Tips for Taking Better Pictures
Having a good eye isn’t all that is required for taking exceptional photographs. You must also make sure the lighting is right, the angles are pleasing, and that the contrast of color or lack thereof is eye-catching. The most important things to focus on are the three pillars of photography: Aperture, ISO (Image Sensory Output), and Shutter Speed.
Aperture controls depth of focus, either by layering dimensions, by blurring the background, or by bringing everything into focus. This setting determines the amount of light passing through the lens, much like the way your pupil dilates allowing more light to pass through to the retina.
The larger the aperture setting the smaller the hole through which light can pass. Therefore, the smaller the aperture setting, the larger the hole. With a larger aperture setting, pictures are much more focused because the area of focus is larger. While a smaller aperture setting decreases the area of focus giving a blurred effect to the background and adding depth.
Image Source: Pixabay
Importance of ISO
Very simply put, ISO represents the amount of sensitivity to the available light. The lower the ISO number, the less sensitive it is to the light, while a higher ISO number increases the sensitivity of your camera. The component within your camera that can change sensitivity is called “image sensor” or simply “sensor”. It is the most important part of a camera, and is responsible for gathering light and transforming it into an image.
With increased sensitivity, your camera sensor can capture images in low-light without having to use a flash. However, higher sensitivity comes at an expense by adding “noise” to the pictures. However, adding noise isn’t always a negative thing. ISO speed can add effects by creating noise, especially when combined with your aperture settings of focus.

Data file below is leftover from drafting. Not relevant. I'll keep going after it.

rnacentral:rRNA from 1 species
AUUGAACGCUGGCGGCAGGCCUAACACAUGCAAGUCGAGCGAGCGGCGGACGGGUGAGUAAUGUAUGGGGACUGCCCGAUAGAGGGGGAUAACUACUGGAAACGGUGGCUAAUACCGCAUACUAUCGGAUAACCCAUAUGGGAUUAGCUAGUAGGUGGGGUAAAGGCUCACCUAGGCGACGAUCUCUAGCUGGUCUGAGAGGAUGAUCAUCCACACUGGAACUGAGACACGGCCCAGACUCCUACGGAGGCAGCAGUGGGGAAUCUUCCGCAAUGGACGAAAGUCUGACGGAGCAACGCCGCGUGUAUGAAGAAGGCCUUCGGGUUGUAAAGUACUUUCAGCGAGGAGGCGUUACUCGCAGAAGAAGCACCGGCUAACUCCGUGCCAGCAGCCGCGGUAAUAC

Shutter Speed Magic
Shutter speed is where the real magic happens, creating dramatic effects by either freezing action or blurring motion. A camera shutter is like a curtain that’s in front of the sensor until the camera “fires,” or takes a picture. When the camera fires, the shutter then opens, exposing the camera sensor to light passing through the lens aperture. After the sensor is done capturing light, the shutter then closes, stopping light from continuing to hit the sensor. The button that fires the camera is also called “shutter” or “shutter button”, because it triggers the shutter to open and close.
Shutter speed, or “exposure time”, is the duration of time a camera shutter is open, exposing light to the camera sensor. If the shutter speed is quick, it can freeze action, however if the shutter speed is slow, it can create something called “motion blur”, where moving objects come across blurred.
Having a working knowledge of these three things will dramatically improve the quality of your photographs. Play with the settings, get a good feel for what you want the pictures to look like, and most importantly: HAVE FUN!